Conventionally-grown or home-grown oyster mushrooms can of course be substituted in this dish, you may also find it works with the conventional button mushroom of the supermarket. I recommend using the brown variety, often labelled “Cremini” as they have a bit more structure. If collecting wild oyster mushrooms or harvesting home-grown ones, you will want to collect them when they are firm and have attained at least most of their full growth, but before they become very dry, yellow, and fragile. You will also want to avoid collecting water-logged specimens, or if you do being sure to dry them and squeeze them of excess moisture first.

Combine in a mixing bowl :

5 oz oyster mushrooms, very finely chopped or pulsed in a food processor

3-4 oz onion, grated and squeezed free of liquid or pulsed in a food processor

1/2 cup breadcrumbs, preferably homemade

2 tbs mushroom powder or “bouillon of the woods” (see note)

1-2 eggs or equivalent egg substitute

salt to taste

dashes of mushroom soy, soy, maggi seasoning, or worchestershire sauce

herbs or dried herbs, if desired

freshly ground black pepper or american juniper, if desired

Mix the ingredients with your hands and shape into golf ball-sized “meatballs.” There should be about 12. This recipe can be doubled, tripled, etc. I have deliberately kept the size of the batch in this recipe small, so that you can experiment with the preparation of it and determine how best to process and cook the meatballs. I personally favor chopping the oyster mushrooms by hand, finding that the food processor renders far too uniform a product. If resemblance to meat is your goal with this recipe, however, that may be the route you want to go. I also recommend using both mushroom soy and a dash or two of maggi or worchestershire.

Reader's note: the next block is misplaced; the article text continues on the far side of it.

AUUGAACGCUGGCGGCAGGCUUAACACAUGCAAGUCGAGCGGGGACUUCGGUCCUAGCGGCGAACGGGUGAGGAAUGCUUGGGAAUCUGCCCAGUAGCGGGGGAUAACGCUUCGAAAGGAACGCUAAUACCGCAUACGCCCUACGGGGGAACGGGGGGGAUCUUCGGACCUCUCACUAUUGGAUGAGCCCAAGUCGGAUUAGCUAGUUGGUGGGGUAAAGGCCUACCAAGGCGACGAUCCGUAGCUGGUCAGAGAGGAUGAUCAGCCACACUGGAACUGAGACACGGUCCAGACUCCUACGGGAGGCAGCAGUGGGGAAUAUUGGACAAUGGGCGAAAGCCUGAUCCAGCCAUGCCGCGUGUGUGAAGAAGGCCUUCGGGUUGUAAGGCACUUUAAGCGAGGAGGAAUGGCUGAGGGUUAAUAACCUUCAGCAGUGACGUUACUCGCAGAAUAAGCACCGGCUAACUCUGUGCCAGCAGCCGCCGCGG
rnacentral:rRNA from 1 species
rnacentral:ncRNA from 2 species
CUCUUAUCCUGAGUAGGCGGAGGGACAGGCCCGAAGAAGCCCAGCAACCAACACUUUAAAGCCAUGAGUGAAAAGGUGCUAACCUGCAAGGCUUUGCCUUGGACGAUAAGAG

“Bouillon of the woods” is a simple preparation that I make as often as I find chicken of the woods fungi (Laetiporus spp.) that are just a bit too far gone to serve as is. A simple dried mushroom powder can be substituted – for which all you need to do is to grind dried mushrooms in a spice grinder. You may use wild mushrooms you have collected and dehydrated yourself, or dried mushrooms from the fancy or conventional supermarket (it’s actually a fantastic use for the dust or shake found in the bottom of bags of purchased dried mushrooms). For the preparation of my “bouillon of the woods,” I add a pinch or two of salt and a little crumbled wild bergamot, with perhaps another spice or two if desired, to a base of dried and ground chicken of the woods. It is meant to resemble the bouillon cubes found in supermarkets, but in a powder form and with much less salt. Another possible substitute if you don’t have any dried or powdered mushrooms is to use a purchased mushroom bouillon cube, such as the Telma brand from Israel. If a commercial product is used, you will likely want to reduce the amount of salt added.